Idukki villagers intensify stir
The HC had stayed the “Operation Arikomban” after People for Animals and Walking Eye Foundation for Animal Advocacy approached the court saying the move to capture the elephant and making it kumki through rigorous training was unscientific and cruel
As the high court-appointed expert panel is set to visit wild elephant-affected areas of Idukki in Kerala on Monday, residents of eight panchayats in the district intensified their day-and-night protests, and farmers’ outfits have also announced a march to the HC on Wednesday.
Last week the court had stayed the forest department’s plan to tranquillise and capture a wild jumbo, nicknamed Arikomban, which reportedly killed eight people and destroyed many houses and shops in last two years in Chinnakanal, Santhanpara and Singukandam villages.
Later the court had appointed a five-member committee to explore possibilities of relocating the rogue elephant and suggest long-term measures to end recurring wild elephant attacks in the district. Taking note of the “deplorable condition of captive elephants”, the court said pachyderms cannot be consigned to a life in captivity and making them kumki (captive trainer elephants) is not the solution. The panel was asked to submit its proposals by April 5 and till then darting of the jumbo was barred.
Several areas in Idukki district observed a shutdown on Thursday and people blocked many roads to protest against the eleventh-hour intervention of the court. Many farmers’ outfits have also decided to take out a protest march before the high court on Wednesday and submit a mass memorandum to the Chief Justice, said a spokesman of the Kerala Independent Farmers’ Association. “It is a life and death situation for us. The court’s intervention let us down badly,” said P Rejimon, a farmer who had a miraculous escape from Arikomban two weeks back.
“We are not entering forests but animals are coming out to human habitats and causing immense damage to life and properties of people. We all love forest and wild animals but we cannot live at their mercy,” said Santhanpara panchayat president Liju V. But animal lovers said in 2003 the government had allotted land to 100 landless tribal families near an elephant corridor and later many outsiders also grabbed forest land in the guise of farming and it aggravated the situation. They said around 50 families were still staying in the settlement called 301 Colony.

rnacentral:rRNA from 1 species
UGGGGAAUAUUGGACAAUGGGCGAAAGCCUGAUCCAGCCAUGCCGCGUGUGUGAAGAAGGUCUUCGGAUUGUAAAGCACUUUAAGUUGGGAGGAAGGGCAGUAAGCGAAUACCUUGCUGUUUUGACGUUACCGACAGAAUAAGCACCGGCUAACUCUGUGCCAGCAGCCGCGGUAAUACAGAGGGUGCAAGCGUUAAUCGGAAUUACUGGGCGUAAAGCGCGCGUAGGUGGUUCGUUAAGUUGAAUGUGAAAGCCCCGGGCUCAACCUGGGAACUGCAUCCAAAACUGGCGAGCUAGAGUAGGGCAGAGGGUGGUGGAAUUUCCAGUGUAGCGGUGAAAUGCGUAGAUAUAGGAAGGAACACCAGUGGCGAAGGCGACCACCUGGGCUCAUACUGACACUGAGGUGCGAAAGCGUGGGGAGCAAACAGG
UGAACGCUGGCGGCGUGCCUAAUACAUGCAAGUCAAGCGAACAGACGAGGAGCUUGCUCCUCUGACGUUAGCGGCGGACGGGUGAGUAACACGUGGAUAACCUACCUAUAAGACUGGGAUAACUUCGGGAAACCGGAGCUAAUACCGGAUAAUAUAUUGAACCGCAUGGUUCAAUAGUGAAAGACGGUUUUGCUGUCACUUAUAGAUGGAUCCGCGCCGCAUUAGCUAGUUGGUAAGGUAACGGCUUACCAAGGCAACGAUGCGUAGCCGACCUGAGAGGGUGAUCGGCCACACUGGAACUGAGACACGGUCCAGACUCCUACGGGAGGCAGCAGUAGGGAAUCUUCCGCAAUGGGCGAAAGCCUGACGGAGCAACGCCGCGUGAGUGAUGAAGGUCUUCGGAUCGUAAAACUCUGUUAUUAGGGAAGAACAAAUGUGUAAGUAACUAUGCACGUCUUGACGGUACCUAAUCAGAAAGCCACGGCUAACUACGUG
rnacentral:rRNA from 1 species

The HC had stayed the “Operation Arikomban” after People for Animals and Walking Eye Foundation for Animal Advocacy approached the court saying the move to capture the elephant and making it kumki through rigorous training was unscientific and cruel. They said human intervention in the wild and lack of food and water caused by encroachment of forest boundaries were main reasons for the elephant incursions and netting or capturing it was not a permanent solution.
The big tusker was called “Arikomban” because it was fond of rice (in Malayalam rice is ari and komban means male elephant). It used to raid ration shops for rice, so two shops were later shifted to faraway places. After ration shops were shifted, the tusker started attacking houses for rice, said local residents. They said it attacked more than 60 houses and shops and trampled eight people to death in two years. The court order came as the forest department brought four kumki elephants from Wayanad elephant training camp and deployed 11 teams of the rapid response team comprising 70 officers to capture Arikomban.
Forest minister A K Saseendran also expressed his dismay over the court staying the whole operation. “If the court had not intervened, we would have caught the elephant by now. Local residents’ fear and concerns are genuine,” he said. He also camped in Idukki to oversee the operation but returned to the state capital after the high court stayed the operation in a late night sitting on last Wednesday.
Officials had tense moments on Sunday after Arikomban, which is on musth (a periodic condition in bull elephants), came dangerously close to four kumkis brought for the mission to capture the rogue elephant. Later it was shooed away by bursting crackers, officials said, adding since trainer elephants were in chains, it was easy for marauding elephant to attack them.
Kumki elephants are usually used to chase wild animals back to forests when they strayed into human habitat. They also turn saviours when elephants get struck in mud or swamp and also play a key role in training fresh captive elephants.